About East Midlands Tai Chi Instructor


A Short Account of my Training by Tony Henrys.

I trained in Karate and Judo from the age of sixteen but did not become truly interested in the arts of Taijiquan and Qigong until the late 1970’s. I was always seeking something more - that ‘Spirit’ or certain something that is always talked about in Martial arts but rarely found. At that time, I was a Detective in what is now the Serious Crime Squad, had been involved in scores of real-life fight situations and was naturally interested in the defence aspect of the arts. However, I came to seek a further dimension to what I was doing and travelled to London to find someone who could authentically transmit the art of Taijiquan without deviation.

In the early 1980’s, I commenced training in the art of Yang style Taijiquan with Master Chu King Hung, the European representative of the late Grandmaster Yang Sau Chung, the eldest son of the late Grandmaster Yang Cheng Fu (1880-1936). Master Chu’s power and presence immediately impressed me. I had believed myself to be proficient in the fighting arts yet found myself incapable of dealing with the prodigious and overwhelming power of this art. I became hooked and regularly travelled to London and later to Leicester to train at the local branch of the International Tai Chi Chuan Association, of which Grandmaster Yang Sau Chung was President until his death in Hong Kong in 1985.
I trained like this for four years and attended monthly advanced classes at the London HQ of the International Tai Chi Chuan Association, spending the equivalent of a week’s wages per month for the privilege. I subsequently became Assistant Instructor of the Leicester branch of the International Tai Chi Chuan Association, and, after a year of asking Master Chu, was given permission to receive private tuition from his Chief Instructor, Mr. John Solagobade.

I continued intense training in Taijiquan and Qigong and later made contact with Erle Montaigue of the World Taiji Boxing Association, based in Australia. I trained with some Instructors in this Country, and was subsequently appointed an Instructor with the World Taiji Boxing Association. I was awarded my Instructor's certificate through visiting Australian Instructors with whom I trained.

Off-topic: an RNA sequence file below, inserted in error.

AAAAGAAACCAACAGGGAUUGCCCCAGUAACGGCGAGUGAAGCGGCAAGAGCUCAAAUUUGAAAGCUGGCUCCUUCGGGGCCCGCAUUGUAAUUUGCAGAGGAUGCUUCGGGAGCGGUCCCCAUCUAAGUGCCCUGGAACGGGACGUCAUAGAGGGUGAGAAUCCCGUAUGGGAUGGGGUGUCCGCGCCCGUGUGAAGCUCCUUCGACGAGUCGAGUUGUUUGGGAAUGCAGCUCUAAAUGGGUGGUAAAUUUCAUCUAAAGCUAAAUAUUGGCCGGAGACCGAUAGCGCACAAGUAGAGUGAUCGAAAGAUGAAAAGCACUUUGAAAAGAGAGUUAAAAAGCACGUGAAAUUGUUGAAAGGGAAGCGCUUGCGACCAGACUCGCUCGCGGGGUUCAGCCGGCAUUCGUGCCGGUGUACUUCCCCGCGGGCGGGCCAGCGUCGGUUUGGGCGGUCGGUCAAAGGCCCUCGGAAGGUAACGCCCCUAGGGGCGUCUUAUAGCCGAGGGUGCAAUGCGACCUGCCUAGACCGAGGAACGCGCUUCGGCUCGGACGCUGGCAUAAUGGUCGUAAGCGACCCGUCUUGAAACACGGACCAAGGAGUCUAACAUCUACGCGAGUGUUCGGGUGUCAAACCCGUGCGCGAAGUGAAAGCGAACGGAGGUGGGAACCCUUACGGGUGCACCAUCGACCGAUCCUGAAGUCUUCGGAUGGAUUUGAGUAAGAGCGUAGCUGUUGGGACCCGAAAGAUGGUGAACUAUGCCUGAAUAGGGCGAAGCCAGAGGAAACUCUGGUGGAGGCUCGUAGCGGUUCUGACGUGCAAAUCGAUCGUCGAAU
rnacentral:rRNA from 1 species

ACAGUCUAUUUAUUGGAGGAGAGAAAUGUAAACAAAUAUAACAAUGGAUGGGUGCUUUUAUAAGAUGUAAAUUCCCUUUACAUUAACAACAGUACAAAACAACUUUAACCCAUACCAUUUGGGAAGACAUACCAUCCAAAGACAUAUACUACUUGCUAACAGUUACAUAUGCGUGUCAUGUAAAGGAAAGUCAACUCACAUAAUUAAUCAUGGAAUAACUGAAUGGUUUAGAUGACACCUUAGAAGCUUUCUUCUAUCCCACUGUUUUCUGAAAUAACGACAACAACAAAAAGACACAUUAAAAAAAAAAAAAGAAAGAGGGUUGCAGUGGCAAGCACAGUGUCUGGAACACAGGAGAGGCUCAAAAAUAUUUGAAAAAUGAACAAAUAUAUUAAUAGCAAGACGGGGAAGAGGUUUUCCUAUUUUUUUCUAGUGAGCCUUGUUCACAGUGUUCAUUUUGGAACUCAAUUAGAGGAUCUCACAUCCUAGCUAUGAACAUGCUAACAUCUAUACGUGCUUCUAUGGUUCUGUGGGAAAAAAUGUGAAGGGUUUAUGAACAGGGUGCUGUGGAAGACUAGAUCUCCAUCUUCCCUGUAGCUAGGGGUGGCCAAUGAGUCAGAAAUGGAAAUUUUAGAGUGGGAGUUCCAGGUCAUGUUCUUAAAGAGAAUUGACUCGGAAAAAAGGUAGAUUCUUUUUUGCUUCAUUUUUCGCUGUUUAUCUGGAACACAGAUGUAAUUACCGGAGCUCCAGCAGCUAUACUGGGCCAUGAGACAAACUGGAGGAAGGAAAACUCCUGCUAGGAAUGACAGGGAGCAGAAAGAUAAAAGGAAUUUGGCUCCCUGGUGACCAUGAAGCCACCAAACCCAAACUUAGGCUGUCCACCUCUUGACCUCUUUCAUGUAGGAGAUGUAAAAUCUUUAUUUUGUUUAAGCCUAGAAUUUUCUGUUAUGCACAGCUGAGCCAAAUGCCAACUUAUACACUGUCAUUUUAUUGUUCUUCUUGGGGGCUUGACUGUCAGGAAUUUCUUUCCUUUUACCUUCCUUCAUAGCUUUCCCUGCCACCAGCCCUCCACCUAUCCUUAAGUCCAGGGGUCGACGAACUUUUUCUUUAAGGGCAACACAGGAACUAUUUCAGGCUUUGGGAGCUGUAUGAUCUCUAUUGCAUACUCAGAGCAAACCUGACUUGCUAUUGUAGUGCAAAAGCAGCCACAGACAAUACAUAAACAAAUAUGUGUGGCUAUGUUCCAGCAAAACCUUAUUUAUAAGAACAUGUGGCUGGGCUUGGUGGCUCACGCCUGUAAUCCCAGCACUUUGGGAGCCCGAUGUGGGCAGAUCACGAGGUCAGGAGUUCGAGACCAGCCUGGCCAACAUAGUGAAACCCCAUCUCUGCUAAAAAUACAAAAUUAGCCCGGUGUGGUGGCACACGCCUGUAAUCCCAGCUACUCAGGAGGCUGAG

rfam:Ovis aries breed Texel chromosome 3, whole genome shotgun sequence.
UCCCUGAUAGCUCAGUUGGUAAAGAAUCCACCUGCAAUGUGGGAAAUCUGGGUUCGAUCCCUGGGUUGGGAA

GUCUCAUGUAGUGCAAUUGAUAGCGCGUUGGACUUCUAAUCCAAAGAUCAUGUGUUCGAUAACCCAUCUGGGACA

My own intense training continued in Leicester and London where I decided to seek out as much knowledge as possible. To this end, I had planned to study with Grandmaster Yang Sau Chung, but following his death, I resolved instead to visit Asia to seek further knowledge of my chosen style of Taijiquan.

As time passed, I became more and more disillusioned because of the vast amount of the differing expressions of the Yang style, and more convinced of the necessity to visit mainland China. My research led me to believe that the highest living authority on the art was Grandmaster Fu Zhongwen, Head of the Yong Nian Taijiquan Association. He was the nephew and sole surviving disciple of the great Master Yang Cheng Fu (third generation Yang family) and a teacher of Yang Zhenduo.

My first attempt to study with Master Fu almost ended in disaster due to the political events at the time: I arrived in China in June 1989, four days before the Tiananmen Square massacre, and was subsequently arrested at gunpoint, interrogated and ejected from the Country by the Chinese authorities. Although I managed to practise with some other Masters of Taijiquan and Qigong during my visit, I returned to England somewhat disappointed by the missed opportunity to meet Grandmaster Fu.